I did read quite a few garden blogs last week while I sat coughing.  It was as good a time as any to catch up on my back emails.  I came across a comment written by a seed grower in Vermont rejoicing that the number of daylight hours had crossed the threshold of greater than 10 hours.  His date of joy was February 5th.  It got me wondering when my date was.  After a ridiculously easy google search, I discovered that my 10 hour day was February 3rd.  We had descended into 14 plus hours of darkness the previous November 10.  At our winter solstice, our shortest day, we receive a measly 9 hours and 1 minute of day.  That is if the sky was clear.  Otherwise it is just a slightly lighter color of gloom.

The reason WHY I care about this (other than eagerly awaiting the return of warmth to my part of the world) is because plants stop growing with less than 10 hours of daylight.  Even if it were warmish – say in a greenhouse not tricked out with grow lights, the plants would go into a hibernation of sorts and just stop growing.  Thus, for many reasons all dealing with plants and more possibilities for sunshine, February 3rd is a day to celebrate.  Hmmmmm…. Maybe I should make it a holiday and have a party…  Let’s Grow Again Day!  Right…  If you have a cooler / better name for my new celebration let me know your ideas.  You might get invited!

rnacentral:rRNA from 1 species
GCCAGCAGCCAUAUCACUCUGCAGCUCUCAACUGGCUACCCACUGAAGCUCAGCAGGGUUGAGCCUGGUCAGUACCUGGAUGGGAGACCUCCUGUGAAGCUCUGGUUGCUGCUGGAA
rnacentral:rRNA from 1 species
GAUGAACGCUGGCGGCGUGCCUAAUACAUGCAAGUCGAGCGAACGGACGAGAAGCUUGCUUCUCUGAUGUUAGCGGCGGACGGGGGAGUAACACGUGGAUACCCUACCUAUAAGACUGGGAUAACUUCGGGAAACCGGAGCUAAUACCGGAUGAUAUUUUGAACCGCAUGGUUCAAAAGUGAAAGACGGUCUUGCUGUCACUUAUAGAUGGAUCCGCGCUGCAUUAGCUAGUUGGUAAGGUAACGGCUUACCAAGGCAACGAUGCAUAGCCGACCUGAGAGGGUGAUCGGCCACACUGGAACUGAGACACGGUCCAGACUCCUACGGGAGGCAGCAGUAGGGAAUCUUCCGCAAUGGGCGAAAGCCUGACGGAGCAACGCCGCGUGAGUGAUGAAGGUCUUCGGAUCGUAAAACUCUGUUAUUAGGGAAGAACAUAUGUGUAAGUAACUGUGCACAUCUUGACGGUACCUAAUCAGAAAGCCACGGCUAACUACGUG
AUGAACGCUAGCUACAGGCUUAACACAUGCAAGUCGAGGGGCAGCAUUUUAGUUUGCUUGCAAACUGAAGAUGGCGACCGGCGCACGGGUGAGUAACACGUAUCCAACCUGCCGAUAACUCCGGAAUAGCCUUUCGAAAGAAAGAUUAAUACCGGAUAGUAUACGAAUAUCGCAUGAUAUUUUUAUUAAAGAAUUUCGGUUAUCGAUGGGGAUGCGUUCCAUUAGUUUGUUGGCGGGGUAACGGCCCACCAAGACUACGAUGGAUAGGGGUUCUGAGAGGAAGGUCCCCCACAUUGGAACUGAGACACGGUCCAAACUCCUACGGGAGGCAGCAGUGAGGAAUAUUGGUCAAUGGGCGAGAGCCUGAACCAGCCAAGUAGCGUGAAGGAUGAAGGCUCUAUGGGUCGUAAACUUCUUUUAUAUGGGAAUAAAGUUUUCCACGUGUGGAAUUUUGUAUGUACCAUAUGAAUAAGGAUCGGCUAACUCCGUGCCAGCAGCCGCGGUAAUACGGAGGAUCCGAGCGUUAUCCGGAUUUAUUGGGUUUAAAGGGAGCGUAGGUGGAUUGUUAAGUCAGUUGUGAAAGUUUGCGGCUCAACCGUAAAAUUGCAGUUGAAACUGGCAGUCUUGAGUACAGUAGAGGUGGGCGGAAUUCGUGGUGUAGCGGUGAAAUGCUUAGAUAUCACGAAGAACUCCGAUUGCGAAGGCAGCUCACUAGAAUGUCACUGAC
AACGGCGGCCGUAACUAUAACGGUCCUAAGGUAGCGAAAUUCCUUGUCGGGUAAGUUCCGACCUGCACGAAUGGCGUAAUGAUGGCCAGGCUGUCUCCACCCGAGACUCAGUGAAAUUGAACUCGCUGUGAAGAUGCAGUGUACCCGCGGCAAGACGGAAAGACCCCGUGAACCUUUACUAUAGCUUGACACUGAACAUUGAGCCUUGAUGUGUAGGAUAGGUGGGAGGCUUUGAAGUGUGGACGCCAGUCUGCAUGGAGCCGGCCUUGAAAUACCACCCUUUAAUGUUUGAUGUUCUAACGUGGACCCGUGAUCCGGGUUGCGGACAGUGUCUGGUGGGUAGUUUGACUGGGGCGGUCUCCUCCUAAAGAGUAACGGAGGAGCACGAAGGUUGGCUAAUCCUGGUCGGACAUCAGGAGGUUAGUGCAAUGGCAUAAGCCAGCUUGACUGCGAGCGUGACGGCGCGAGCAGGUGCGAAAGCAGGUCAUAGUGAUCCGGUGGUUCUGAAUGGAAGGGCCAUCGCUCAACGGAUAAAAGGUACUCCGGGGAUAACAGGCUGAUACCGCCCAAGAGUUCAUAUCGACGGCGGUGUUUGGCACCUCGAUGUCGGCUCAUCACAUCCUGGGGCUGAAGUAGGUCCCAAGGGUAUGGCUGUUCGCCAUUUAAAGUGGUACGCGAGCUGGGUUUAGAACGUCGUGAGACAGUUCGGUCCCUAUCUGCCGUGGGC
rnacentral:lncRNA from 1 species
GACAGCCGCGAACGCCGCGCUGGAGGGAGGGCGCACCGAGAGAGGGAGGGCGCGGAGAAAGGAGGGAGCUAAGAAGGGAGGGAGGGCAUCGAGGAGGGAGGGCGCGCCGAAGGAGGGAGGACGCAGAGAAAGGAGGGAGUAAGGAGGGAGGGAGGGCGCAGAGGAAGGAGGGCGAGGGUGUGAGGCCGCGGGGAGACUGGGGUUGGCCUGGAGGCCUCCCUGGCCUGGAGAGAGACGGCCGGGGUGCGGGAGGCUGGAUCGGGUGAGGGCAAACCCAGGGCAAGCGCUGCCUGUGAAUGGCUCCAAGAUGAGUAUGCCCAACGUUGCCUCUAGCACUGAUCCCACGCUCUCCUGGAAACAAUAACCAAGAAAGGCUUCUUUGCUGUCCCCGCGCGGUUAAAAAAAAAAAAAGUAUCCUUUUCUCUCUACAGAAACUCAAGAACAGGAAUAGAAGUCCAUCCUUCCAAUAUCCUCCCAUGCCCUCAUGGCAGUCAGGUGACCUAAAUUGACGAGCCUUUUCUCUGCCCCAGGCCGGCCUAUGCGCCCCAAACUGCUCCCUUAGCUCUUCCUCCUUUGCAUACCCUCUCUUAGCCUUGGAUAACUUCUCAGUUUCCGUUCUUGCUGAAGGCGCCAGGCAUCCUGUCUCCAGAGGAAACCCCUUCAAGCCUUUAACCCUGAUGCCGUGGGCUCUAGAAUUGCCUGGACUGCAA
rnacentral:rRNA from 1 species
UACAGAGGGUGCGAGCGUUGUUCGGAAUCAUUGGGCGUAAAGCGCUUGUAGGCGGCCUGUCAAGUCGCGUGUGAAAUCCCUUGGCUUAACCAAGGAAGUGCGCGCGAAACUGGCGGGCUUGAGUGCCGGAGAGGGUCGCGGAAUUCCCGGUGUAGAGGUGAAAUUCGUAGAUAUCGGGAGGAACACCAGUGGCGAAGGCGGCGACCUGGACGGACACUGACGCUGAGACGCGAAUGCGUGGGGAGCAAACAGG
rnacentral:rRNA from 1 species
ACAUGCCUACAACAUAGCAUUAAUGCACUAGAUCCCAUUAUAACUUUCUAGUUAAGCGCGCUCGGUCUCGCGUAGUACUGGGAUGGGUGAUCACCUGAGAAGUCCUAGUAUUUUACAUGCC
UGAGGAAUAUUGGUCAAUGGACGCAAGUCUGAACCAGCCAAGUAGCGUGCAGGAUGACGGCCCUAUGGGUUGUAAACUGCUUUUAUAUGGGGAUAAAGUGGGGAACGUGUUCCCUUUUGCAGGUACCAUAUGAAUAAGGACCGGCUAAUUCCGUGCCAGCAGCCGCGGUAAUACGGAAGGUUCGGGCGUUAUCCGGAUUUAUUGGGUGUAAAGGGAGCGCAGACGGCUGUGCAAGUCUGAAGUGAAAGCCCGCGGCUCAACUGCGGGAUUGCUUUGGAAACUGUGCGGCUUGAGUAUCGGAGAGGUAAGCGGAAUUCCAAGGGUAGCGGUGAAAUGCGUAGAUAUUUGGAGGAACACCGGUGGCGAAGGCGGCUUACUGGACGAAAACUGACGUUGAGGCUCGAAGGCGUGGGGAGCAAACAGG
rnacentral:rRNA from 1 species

Monday, February 12, 2018

Week 6

Sick… going on 11 days of being sick.  I’m pretty sure that I got the flu from chiropractor’s office that Sir T and I visited.  It has dug in deep in my lungs and isn’t letting go.  I didn’t do much this week.  I am happy that the house isn’t a complete disaster, and I occasionally made food for us.  However, I was not in the least bit creative, too busy holding my middle together as I tried to rid myself of my lungs.

So… all the complaining and nasty descriptions aside what do you do when you are miserable? Well, when you have a voice like I do at the moment, apparently you gotta make movies.  At least that was Sir T’s  idea.  After I had given him my sickness he came up with the following scenario and we created a script.  An afternoon of filming and editing, there is now the masterpiece The Virus.


Next week I hope to have my jewelry mending done.  I also hope to have my health on the mend as well.

Sunday, February 4, 2018

Week 5 Project

Ladies and Gentlemen….  It is done!!  I am so happy.  After several years of sitting in a bag in the corner of the Blessings Room, our quilt is back in commission.  This is going to be a long blog because I made lots of mistakes and learned a few things and of course I took pictures of everything.
Here is a review of what the quilt looked like.